The Indian automaker Mahindra & Mahindra is in talks with international investors to raise between $250 million and $500 million to accelerate its plans to build electric vehicles (EVs), according to a source with direct knowledge of the situation who was cited in a Reuters report.
The source added that Mahindra is in preliminary discussions with international green funds and private equity firms and wants a long-term investor who can help it expand its EV business.
However, according to two banking industry sources, some investors have recently expressed interest in participating in a funding round valued at about $800 million. They also stated that they have spoken with the company about such offers.
According to the source, Mahindra is not actively seeking to raise more money than $250–500 million, but it is open to the idea of increasing the deal size based on the terms and valuation.
“Mahindra wants to bring a benchmark investor on board but does not want to dilute a large stake at present,” the source quoted, saying that there can be changes to the plan in the early stages.
After receiving its initial raise of $250 million from British International Investment, Mahindra’s new EV unit, which it is raising funds for, was valued at $9.1 billion in July (BII).
The valuation the investors are proposing or the amount the company is looking for in the new round was not immediately clear.
In a statement to the media, Mahindra said that along with BII, it has committed to investing $500 million in the market for electric SUVs. The two businesses also said they would cooperate to attract other “like-minded, climate-focused investors” to the EV sector.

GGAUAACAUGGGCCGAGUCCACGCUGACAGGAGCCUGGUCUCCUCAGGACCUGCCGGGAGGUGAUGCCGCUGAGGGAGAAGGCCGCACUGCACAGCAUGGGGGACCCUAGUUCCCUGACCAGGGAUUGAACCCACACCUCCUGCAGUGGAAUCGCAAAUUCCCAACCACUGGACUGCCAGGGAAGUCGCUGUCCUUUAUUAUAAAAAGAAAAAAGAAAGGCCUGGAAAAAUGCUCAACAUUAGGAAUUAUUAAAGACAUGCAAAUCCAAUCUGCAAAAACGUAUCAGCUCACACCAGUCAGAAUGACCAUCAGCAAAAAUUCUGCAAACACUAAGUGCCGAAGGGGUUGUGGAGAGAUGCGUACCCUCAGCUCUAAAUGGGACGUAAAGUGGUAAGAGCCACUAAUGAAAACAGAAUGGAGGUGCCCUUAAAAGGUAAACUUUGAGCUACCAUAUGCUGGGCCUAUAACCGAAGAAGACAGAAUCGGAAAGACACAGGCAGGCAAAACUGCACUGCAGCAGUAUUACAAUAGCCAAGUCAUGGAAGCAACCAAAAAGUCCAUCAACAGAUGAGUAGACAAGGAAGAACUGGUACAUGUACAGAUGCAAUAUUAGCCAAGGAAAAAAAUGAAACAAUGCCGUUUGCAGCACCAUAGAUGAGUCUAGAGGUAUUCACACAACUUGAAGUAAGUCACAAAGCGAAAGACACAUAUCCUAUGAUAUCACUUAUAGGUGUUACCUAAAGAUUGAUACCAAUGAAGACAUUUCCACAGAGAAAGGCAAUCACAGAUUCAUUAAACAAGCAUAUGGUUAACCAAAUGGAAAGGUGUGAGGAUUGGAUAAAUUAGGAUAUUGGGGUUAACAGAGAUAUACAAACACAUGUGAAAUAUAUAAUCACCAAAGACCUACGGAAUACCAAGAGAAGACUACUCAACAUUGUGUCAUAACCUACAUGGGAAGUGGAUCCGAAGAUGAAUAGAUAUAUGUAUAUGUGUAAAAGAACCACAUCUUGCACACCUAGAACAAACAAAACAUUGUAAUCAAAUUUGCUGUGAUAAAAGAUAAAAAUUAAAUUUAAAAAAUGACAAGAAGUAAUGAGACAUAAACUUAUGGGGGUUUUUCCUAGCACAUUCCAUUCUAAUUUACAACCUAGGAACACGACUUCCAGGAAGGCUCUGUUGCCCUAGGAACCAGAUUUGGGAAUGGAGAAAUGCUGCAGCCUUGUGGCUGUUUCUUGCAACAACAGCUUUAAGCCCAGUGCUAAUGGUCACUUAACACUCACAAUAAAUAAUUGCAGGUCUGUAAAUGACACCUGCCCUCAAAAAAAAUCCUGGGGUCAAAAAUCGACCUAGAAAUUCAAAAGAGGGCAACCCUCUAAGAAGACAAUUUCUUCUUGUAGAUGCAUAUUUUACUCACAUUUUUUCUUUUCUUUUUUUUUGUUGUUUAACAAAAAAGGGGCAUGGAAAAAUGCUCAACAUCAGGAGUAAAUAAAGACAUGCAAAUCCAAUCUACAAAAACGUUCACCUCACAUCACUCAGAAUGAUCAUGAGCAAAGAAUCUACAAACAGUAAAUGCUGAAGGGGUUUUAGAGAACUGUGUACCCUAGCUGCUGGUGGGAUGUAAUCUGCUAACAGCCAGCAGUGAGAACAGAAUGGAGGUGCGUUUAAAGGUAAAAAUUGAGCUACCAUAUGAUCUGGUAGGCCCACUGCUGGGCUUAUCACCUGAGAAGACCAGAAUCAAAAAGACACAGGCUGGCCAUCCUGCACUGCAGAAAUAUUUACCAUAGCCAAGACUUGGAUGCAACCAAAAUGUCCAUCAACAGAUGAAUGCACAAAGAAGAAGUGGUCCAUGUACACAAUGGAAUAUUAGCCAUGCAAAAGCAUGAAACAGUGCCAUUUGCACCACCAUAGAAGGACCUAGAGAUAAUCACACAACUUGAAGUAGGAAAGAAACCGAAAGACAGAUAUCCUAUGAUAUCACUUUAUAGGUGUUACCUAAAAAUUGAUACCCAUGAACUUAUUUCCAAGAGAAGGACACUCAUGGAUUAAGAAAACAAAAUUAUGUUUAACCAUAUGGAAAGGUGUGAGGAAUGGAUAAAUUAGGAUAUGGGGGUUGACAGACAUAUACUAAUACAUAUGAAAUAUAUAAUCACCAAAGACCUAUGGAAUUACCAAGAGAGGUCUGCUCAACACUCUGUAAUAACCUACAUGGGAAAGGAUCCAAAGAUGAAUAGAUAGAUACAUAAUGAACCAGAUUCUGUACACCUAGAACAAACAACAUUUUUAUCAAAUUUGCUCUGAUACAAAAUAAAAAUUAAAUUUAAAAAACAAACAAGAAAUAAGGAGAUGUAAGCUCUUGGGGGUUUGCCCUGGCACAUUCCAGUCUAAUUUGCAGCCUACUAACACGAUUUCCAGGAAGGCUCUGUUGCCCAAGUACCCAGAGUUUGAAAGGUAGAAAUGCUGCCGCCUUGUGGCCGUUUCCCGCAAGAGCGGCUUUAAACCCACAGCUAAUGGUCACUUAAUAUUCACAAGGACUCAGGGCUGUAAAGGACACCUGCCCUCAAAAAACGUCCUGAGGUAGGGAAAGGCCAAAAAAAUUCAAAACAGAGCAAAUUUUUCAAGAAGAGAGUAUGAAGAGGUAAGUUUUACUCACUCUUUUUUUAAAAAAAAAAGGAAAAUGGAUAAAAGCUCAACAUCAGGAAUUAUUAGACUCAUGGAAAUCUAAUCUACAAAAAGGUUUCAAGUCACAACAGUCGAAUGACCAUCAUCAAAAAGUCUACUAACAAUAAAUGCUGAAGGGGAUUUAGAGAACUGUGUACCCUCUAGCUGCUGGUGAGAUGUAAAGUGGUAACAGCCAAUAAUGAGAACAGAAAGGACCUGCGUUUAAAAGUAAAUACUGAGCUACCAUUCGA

The discussions take place just weeks after Mahindra unveiled an ambitious plan to introduce five electric SUVs over the next few years, to have these models account for 30% of its overall annual SUV sales by March 2027.
In January, the automaker’s first electric SUV is anticipated to go on sale.
The money will help the automaker assemble a war chest to compete with Tata Motors, a rival that currently controls most of the Indian market for new electric vehicles.
The first significant clean mobility deal in India was made when Tata raised $1 billion from TPG’s Rise Climate Fund for its EV unit last year at a valuation of $9.1 billion.
In India, the fourth-largest auto market in the world, only 1% of the approximately 3 million units of cars sold each year are electric models. The government is providing businesses with billions of dollars in incentives to produce EVs and their components locally to increase this to 30% by 2030.
Mahindra has partnered with Volkswagen of Germany to obtain parts for its electric SUVs, such as electric drivetrains and batteries. The two explore joint vehicle projects, produce battery cells locally, and create charging infrastructure.
According to local media reports, the Indian automaker is willing to invest in a battery cell manufacturer to ensure future supplies. It is also assessing the need to set up EV manufacturing capacity.
Mahindra’s fundraising effort also coincides with investor interest in India’s transition to clean mobility, which, according to one of the two banking sources, has led to “more money chasing few assets.”
According to a third banking source, some of the current investor interest is a carryover from Mahindra’s initial fundraiser.